Paul: They're everywhere. And again, I think in the tennis coaching community, sometimes in a certain city we see other clubs and other programs as competitors and we view them as competitors cause our players to play against them. And it's a business model. And one of the things we always tried to do and break down in our coaching education programs is that everybody needs each other. Cohorts of experts, cohorts of teaching pros depend learning to communicate and build each other up is how everybody gets better. A rising tide lifts all boats. And so in a, in a community you, you may see a teaching pros across town or a coach who your players are always playing against. You see them as adversary. They can become your best friend. They can become an ally. They start talking about professional development with them. But you have to be open to it. You have to change your mindset on that.

Larry: So if you're someone who's a specialist then to become a generalist, there are certain things you're going to have to do, right? And this is what you're pointing out. You've got to open yourself up to other ideas, maybe to criticism and to try something new. And maybe you will fail at first. Or maybe you're, you're going to get criticized when you try something.

Paul: We were talking to the coaches or here for the NJTL playoff. And I was talking to them about the game of tennis. And the game of tennis starts on a diagonal. Every time. There's a serve and a return, and it happens on a diagonal, yet across the country, players start drills standing in the middle of the court and they start hitting the balls down the middle of the court to each other. And then we go to the angles because we're talking about maximizing time. So my question to them is why do we, why do you do that when the game of tennis is played the other way? And their eyes were bug-eyed because they'd never thought about that simple concept to how, and I said, you're unlearning, you're not learning. So if they play tennis every day, every day they hit the ball a hundred times out of the middle of the court. How many times is that over a year. That's thousands of times where they're practicing something that has nothing to do with the game of tennis. And that's just one different way to look at how we do the things we do. The game of tennis starts on a diagonal. Maybe we should start the points and the practices and the way we feed on a diagonal and everything. Not all the time, but that's a different concept that these coaches never thought about. So it's being open to different concepts and looking at the simple things we do every day and trying to get better at it.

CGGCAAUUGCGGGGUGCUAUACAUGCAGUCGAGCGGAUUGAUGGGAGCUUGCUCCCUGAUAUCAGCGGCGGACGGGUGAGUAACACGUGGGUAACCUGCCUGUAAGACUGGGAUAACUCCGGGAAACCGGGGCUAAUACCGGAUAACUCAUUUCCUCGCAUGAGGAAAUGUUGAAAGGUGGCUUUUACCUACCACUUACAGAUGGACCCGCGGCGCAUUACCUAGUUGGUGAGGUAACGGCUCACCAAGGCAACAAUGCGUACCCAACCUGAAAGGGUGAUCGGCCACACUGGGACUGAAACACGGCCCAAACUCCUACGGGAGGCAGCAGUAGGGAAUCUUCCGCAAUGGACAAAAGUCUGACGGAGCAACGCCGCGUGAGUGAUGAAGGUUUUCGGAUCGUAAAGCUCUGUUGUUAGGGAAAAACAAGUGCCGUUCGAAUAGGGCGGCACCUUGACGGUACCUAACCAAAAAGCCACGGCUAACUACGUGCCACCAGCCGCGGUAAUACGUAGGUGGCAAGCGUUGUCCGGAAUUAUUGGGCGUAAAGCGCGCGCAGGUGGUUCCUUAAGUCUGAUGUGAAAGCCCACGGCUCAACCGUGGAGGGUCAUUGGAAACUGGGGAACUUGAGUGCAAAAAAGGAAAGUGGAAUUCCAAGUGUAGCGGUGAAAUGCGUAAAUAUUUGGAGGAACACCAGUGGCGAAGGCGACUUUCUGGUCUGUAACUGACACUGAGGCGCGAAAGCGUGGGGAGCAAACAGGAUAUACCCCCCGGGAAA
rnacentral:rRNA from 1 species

Larry: Outstanding. Wow. Lots here.

Jonny: Awesome. Fantastic stuff. And just sitting back learning so much. So thank you for joining us, Dr. Paul Lubbers. We greatly appreciate your time.

Paul: Thank you, Dr. Lauer.

Larry: Appreciate it.

Jonny: So, so we have tons of resources, about for coach, coach education, coach development on our USTA Player development website. That's playerdevelopment.usta.com. Check it all out and we'll speak to you next time.

Paul: Appreciate it. Thank you.